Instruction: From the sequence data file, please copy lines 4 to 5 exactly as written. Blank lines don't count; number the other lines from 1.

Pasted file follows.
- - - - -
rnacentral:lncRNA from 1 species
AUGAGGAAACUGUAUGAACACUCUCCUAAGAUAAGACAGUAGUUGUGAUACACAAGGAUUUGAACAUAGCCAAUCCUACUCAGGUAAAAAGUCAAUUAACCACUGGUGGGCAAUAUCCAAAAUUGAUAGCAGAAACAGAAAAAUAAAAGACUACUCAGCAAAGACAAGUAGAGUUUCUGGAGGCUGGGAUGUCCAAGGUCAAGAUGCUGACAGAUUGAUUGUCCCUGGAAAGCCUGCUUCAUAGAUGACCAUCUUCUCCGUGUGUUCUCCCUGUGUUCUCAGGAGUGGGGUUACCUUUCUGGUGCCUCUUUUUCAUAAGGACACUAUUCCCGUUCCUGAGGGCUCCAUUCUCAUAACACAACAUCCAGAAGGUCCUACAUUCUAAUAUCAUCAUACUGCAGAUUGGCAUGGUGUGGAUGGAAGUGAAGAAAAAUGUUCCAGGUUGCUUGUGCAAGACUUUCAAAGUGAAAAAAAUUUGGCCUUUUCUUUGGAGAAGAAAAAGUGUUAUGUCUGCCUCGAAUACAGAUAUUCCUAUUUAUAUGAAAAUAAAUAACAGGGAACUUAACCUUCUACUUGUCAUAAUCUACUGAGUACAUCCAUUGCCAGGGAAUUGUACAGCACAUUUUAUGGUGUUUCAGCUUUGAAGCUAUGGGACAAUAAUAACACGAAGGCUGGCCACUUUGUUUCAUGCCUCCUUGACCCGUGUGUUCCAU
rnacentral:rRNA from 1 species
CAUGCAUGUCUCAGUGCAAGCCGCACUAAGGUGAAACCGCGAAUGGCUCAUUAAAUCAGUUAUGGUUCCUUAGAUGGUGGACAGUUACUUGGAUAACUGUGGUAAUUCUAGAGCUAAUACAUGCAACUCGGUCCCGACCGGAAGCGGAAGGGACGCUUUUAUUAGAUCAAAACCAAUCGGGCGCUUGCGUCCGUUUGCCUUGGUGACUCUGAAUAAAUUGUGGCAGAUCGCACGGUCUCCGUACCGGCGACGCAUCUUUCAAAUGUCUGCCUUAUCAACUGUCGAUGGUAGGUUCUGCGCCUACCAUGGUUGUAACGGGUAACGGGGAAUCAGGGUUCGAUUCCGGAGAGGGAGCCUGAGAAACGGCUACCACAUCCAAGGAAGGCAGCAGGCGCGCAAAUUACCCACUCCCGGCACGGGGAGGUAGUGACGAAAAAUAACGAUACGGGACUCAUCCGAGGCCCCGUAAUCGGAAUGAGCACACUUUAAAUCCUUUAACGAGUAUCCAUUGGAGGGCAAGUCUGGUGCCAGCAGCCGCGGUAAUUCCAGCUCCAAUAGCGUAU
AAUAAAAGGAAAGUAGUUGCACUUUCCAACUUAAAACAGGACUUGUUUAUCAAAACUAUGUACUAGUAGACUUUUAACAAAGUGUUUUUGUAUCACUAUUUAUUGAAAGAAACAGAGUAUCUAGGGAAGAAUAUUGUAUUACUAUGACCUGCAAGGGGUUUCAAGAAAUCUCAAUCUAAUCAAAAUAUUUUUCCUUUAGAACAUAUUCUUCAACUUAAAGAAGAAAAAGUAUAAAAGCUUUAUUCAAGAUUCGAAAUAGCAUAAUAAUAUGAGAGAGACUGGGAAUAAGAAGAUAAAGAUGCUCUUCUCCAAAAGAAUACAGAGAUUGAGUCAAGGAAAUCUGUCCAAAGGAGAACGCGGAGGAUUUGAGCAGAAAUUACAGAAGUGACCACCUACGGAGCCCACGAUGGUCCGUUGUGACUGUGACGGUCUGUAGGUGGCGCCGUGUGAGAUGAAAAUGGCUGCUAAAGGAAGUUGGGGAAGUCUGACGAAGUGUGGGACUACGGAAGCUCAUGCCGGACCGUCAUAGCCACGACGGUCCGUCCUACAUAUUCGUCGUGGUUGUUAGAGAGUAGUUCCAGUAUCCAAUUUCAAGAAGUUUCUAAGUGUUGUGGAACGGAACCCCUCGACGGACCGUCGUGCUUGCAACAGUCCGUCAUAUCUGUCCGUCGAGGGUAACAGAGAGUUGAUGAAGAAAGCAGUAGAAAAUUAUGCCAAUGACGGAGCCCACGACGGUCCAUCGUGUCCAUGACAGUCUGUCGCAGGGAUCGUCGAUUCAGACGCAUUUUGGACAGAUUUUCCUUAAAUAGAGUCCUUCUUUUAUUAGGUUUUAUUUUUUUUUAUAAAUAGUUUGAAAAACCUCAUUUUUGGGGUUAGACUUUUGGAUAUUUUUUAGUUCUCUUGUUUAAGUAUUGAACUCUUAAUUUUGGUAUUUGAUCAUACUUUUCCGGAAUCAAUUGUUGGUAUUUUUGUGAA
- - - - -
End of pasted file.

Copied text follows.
CAUGCAUGUCUCAGUGCAAGCCGCACUAAGGUGAAACCGCGAAUGGCUCAUUAAAUCAGUUAUGGUUCCUUAGAUGGUGGACAGUUACUUGGAUAACUGUGGUAAUUCUAGAGCUAAUACAUGCAACUCGGUCCCGACCGGAAGCGGAAGGGACGCUUUUAUUAGAUCAAAACCAAUCGGGCGCUUGCGUCCGUUUGCCUUGGUGACUCUGAAUAAAUUGUGGCAGAUCGCACGGUCUCCGUACCGGCGACGCAUCUUUCAAAUGUCUGCCUUAUCAACUGUCGAUGGUAGGUUCUGCGCCUACCAUGGUUGUAACGGGUAACGGGGAAUCAGGGUUCGAUUCCGGAGAGGGAGCCUGAGAAACGGCUACCACAUCCAAGGAAGGCAGCAGGCGCGCAAAUUACCCACUCCCGGCACGGGGAGGUAGUGACGAAAAAUAACGAUACGGGACUCAUCCGAGGCCCCGUAAUCGGAAUGAGCACACUUUAAAUCCUUUAACGAGUAUCCAUUGGAGGGCAAGUCUGGUGCCAGCAGCCGCGGUAAUUCCAGCUCCAAUAGCGUAU
AAUAAAAGGAAAGUAGUUGCACUUUCCAACUUAAAACAGGACUUGUUUAUCAAAACUAUGUACUAGUAGACUUUUAACAAAGUGUUUUUGUAUCACUAUUUAUUGAAAGAAACAGAGUAUCUAGGGAAGAAUAUUGUAUUACUAUGACCUGCAAGGGGUUUCAAGAAAUCUCAAUCUAAUCAAAAUAUUUUUCCUUUAGAACAUAUUCUUCAACUUAAAGAAGAAAAAGUAUAAAAGCUUUAUUCAAGAUUCGAAAUAGCAUAAUAAUAUGAGAGAGACUGGGAAUAAGAAGAUAAAGAUGCUCUUCUCCAAAAGAAUACAGAGAUUGAGUCAAGGAAAUCUGUCCAAAGGAGAACGCGGAGGAUUUGAGCAGAAAUUACAGAAGUGACCACCUACGGAGCCCACGAUGGUCCGUUGUGACUGUGACGGUCUGUAGGUGGCGCCGUGUGAGAUGAAAAUGGCUGCUAAAGGAAGUUGGGGAAGUCUGACGAAGUGUGGGACUACGGAAGCUCAUGCCGGACCGUCAUAGCCACGACGGUCCGUCCUACAUAUUCGUCGUGGUUGUUAGAGAGUAGUUCCAGUAUCCAAUUUCAAGAAGUUUCUAAGUGUUGUGGAACGGAACCCCUCGACGGACCGUCGUGCUUGCAACAGUCCGUCAUAUCUGUCCGUCGAGGGUAACAGAGAGUUGAUGAAGAAAGCAGUAGAAAAUUAUGCCAAUGACGGAGCCCACGACGGUCCAUCGUGUCCAUGACAGUCUGUCGCAGGGAUCGUCGAUUCAGACGCAUUUUGGACAGAUUUUCCUUAAAUAGAGUCCUUCUUUUAUUAGGUUUUAUUUUUUUUUAUAAAUAGUUUGAAAAACCUCAUUUUUGGGGUUAGACUUUUGGAUAUUUUUUAGUUCUCUUGUUUAAGUAUUGAACUCUUAAUUUUGGUAUUUGAUCAUACUUUUCCGGAAUCAAUUGUUGGUAUUUUUGUGAA